Current Virtual Portfolio Positioning: Short Japanese equities (EWJ).
Earlier today, Keith re-shorted Japanese equities via the iShares MSCI Japan Index Fund (EWJ) in our Virtual Portfolio. The Nikkei 225, which is up +2.6% week-to-date, is being propelled to the upside largely on the strength of FX translation relief (the yen is down -1.6% against the USD in the-week-to-date vs. a regional median of -0.3%).
To be clear, we think consensus risks going back to the well one-too-many times on this one, as the sequential ramp in sovereign debt maturities in MAR (¥57.1T or $725B or 5.8% of total marketable JGBs) provides a potential starting point for a Japanese sovereign debt issues. Broken from our long-term TAIL perspective (despite the YTD beta-rally across global equity markets), the Nikkei 225 index is signaling to us that there is at least some degree of tail risk that we must appropriately explore.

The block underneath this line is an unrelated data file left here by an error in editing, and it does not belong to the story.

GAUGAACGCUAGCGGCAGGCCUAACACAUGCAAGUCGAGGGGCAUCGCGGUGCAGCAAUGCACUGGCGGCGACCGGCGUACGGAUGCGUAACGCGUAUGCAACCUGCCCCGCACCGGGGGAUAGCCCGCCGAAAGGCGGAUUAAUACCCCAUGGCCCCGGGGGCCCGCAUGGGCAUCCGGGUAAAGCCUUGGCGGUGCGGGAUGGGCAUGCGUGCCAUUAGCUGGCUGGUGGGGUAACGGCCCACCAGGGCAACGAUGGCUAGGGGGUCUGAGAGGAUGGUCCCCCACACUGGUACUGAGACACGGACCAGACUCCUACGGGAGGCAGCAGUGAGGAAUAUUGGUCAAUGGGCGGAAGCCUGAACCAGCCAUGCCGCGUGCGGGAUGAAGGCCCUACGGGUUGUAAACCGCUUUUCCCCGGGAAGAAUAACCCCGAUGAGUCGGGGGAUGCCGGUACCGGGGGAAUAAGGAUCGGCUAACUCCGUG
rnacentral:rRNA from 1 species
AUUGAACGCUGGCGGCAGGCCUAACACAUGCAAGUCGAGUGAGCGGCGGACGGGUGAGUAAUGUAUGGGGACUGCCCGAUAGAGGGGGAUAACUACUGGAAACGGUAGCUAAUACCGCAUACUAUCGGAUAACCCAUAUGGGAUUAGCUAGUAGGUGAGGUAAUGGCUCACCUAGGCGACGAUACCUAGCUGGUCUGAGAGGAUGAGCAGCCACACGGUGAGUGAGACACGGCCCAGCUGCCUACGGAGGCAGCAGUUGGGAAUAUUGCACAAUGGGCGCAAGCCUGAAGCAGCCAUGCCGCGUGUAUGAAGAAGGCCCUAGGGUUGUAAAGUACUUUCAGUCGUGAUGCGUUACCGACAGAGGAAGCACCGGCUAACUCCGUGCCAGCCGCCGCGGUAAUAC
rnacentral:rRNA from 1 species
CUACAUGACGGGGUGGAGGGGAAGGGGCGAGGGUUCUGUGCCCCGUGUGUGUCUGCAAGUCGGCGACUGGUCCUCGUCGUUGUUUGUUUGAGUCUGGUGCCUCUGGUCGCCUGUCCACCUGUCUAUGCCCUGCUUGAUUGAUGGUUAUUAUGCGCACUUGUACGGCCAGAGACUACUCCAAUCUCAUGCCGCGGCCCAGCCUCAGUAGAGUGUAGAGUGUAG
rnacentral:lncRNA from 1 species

To be even clearer, we are not calling for a Japanese sovereign debt crisis in MAR. Rather, our analysis of the drivers within the JGB and JPY markets suggest that a number of key tailwinds have inflected/look to inflect in 2012. Coupled with an all-time high amount of JGB issuance that needs to come to market throughout this calendar year, we think the tea leaves suggest being appropriately hedged against what may be the next stop in our Sovereign Debt Dichotomy theme (originally published in 2Q10).
One of those tea leaves is the yen’s underperformance in the YTD (down -2.6% against the USD vs. a regional median of +2.5%). While much of the yen’s underperformance has been fueled by decreased risk aversion, which manifests itself via higher U.S. rate expectations on a relative basis (as measured by the spread between U.S. and Japanese 2yr OIS swaps), we don’t view a -500bps negative divergence as something to shrug off ahead of increased stress in the Japanese sovereign debt market. Should the risks we are flagging materialize, we ultimately think this trade plays out in the currency market via yen weakness vs. the USD.
Email us is you’d like to dialogue further on this growing topic.